About
Articles
Monographs
Working Papers
Reviews
Archive
Contact
 
 

2012 02

FIRB Transparency and the Colmer Doctrine Revisited

Nomura’s head of mergers and acquisitions, Grant Chamberlain, has called for greater transparency in the regulation of foreign direct investment, as reported in The Australian:

There were generally clear guidelines when it came to FIRB policy, but “but when it comes to SOEs, the picture changes”.

He said the only public information recently had been the “Colmer doctrine”, comments made by then FIRB executive director Patrick Colmer at a conference on Australia-China investment in September 2009.

Mr Colmer said the Australian government preferred that foreign investment by state-owned enterprises was kept to less than 50 per cent for greenfields projects and less than 15 per cent for major producers.

Mr Chamberlain said that it was impossible to actually get a copy of Colmer’s comments and that there was confusion about what would be considered as a “major producer”.

In fact, it is possible to get a copy of the speech here, but only due to a Freedom of Information request I made of the FIRB. The saga behind the speech and my efforts to obtain a copy are detailed in this op-ed in The Australian. Chamberlain’s speech proves the point I made in my original FOI application that releasing the speech was in the public interest.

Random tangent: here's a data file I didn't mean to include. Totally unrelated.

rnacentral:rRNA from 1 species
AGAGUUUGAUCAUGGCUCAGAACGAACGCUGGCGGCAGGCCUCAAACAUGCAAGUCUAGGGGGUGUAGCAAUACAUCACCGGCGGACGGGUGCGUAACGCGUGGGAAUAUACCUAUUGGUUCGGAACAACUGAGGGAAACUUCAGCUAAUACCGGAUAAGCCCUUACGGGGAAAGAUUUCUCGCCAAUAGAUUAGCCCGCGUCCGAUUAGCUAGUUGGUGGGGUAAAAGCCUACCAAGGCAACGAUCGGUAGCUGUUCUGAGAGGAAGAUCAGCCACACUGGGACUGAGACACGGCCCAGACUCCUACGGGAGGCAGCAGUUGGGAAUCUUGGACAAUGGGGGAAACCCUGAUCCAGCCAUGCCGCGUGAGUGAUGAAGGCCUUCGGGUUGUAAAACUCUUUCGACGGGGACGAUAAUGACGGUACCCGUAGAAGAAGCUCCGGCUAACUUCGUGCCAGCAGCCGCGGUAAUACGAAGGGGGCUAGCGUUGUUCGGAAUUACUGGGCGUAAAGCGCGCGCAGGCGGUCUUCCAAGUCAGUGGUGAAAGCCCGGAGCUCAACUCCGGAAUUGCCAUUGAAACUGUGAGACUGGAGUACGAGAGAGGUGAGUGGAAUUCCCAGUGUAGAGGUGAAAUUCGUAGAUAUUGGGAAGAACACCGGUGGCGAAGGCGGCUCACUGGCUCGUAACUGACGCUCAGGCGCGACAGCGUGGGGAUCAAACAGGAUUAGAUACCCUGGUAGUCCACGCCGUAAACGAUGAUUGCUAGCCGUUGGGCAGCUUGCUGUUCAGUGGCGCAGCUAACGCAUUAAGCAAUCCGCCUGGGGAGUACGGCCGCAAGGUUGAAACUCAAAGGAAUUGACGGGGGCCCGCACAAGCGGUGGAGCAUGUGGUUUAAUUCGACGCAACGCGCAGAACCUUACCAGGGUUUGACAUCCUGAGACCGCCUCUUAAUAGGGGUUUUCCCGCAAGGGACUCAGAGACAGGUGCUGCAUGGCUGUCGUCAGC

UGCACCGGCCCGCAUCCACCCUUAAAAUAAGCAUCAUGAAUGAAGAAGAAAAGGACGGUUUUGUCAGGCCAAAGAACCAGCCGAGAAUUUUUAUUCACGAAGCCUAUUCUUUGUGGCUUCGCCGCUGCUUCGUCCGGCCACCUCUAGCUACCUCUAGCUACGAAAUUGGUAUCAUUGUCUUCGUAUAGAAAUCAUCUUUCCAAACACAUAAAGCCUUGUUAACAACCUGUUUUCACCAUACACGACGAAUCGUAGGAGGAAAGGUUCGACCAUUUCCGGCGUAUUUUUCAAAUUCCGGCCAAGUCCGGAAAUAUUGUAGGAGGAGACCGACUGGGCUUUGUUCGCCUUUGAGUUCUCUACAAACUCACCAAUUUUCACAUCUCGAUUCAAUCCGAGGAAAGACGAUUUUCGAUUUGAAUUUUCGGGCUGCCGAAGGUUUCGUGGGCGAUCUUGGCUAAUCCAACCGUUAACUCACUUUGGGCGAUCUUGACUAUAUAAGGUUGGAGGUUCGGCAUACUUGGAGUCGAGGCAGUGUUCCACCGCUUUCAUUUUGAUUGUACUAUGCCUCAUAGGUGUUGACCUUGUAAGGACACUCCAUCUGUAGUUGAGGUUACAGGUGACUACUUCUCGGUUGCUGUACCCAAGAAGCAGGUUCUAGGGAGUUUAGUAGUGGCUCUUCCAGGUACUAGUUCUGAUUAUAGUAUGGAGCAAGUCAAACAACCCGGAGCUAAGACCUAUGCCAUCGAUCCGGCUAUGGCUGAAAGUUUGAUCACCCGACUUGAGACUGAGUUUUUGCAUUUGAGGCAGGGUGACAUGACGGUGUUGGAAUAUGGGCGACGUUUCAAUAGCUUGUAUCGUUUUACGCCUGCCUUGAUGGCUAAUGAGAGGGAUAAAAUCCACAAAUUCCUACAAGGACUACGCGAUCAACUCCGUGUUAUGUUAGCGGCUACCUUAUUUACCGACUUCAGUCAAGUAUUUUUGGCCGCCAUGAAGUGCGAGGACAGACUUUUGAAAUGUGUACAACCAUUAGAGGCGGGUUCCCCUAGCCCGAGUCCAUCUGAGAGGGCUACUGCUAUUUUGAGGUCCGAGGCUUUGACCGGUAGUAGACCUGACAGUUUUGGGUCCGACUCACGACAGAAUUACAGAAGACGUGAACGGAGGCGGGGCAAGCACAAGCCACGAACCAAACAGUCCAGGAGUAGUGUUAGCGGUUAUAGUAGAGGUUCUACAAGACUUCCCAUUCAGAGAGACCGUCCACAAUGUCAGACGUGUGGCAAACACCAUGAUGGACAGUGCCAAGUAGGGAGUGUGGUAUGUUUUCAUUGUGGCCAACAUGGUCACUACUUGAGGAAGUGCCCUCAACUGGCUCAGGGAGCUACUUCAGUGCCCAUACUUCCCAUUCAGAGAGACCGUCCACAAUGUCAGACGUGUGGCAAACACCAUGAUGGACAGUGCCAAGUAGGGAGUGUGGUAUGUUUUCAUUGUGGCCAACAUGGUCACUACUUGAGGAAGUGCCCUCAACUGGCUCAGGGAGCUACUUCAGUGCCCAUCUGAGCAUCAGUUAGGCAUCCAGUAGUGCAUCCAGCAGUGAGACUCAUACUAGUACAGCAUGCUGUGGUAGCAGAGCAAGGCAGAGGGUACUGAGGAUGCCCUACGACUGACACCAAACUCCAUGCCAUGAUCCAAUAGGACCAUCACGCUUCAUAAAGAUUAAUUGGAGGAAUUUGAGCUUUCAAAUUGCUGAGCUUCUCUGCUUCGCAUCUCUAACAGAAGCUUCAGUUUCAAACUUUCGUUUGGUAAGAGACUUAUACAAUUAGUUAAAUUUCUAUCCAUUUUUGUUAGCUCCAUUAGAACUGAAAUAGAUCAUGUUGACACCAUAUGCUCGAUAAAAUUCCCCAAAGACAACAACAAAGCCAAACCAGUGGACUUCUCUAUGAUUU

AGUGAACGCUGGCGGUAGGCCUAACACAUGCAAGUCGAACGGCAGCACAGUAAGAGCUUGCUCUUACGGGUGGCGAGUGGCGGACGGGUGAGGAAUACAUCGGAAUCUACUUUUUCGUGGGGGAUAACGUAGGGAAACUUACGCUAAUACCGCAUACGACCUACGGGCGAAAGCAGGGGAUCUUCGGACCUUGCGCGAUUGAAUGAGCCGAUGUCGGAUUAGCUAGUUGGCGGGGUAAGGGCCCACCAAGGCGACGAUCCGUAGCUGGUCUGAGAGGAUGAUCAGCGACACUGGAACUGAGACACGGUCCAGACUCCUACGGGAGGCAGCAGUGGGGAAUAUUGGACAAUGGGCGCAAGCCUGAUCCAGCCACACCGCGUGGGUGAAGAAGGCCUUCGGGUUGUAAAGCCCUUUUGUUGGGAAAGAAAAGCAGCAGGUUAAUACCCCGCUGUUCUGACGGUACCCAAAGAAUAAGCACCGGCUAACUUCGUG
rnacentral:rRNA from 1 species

posted on 28 February 2012 by skirchner in Economics, Financial Markets, Foreign Investment

(0) Comments | Permalink | Main

| More

The $1.7 trillion Road Not Taken

It turns out that Christina Romer recommended the Obama Administration implement a $1.7 trillion rather than $800 billion stimulus in late 2008 in order to “eliminate the output gap by 2011-Q1.” In one respect, it’s unfortunate that this was not implemented. While one can have an argument about whether an $800 billion stimulus was large enough, it would have been impossible to rationalise the failure of a $1.7 trillion stimulus. It would have been a definitive, even if disastrous, macroeconomic policy experiment.

posted on 22 February 2012 by skirchner in Economics, Fiscal Policy

(0) Comments | Permalink | Main

| More

Mortgage Interest Rate Margins in Australia and the US

A story in the WSJ about mortgage interest rate spreads in the United States perfectly parallels the debate in Australia. The story notes that:

Analysts stress it is difficult to disentangle how much of the spread is due to pricing power from banks with more control of the market, and how much might represent structurally higher costs of doing business in the U.S. mortgage market reshaped by the crisis.

However, the fact that the US and Australia are experiencing essentially the same phenomenon argues against country-specific factors as the explanation. Capital markets are global and Australia is necessarily a price-taker in these global markets, a point forever lost on our parochial media and politicians.

posted on 22 February 2012 by skirchner in Economics, Financial Markets

(0) Comments | Permalink | Main

| More

Future Funds or Future Eaters? The Case Against a Sovereign Wealth Fund for Australia